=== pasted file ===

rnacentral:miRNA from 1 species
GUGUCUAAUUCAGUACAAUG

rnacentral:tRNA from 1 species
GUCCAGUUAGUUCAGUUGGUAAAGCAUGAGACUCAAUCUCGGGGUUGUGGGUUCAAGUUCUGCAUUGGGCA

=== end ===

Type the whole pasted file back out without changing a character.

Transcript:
rnacentral:miRNA from 1 species
GUGUCUAAUUCAGUACAAUG

rnacentral:tRNA from 1 species
GUCCAGUUAGUUCAGUUGGUAAAGCAUGAGACUCAAUCUCGGGGUUGUGGGUUCAAGUUCUGCAUUGGGCA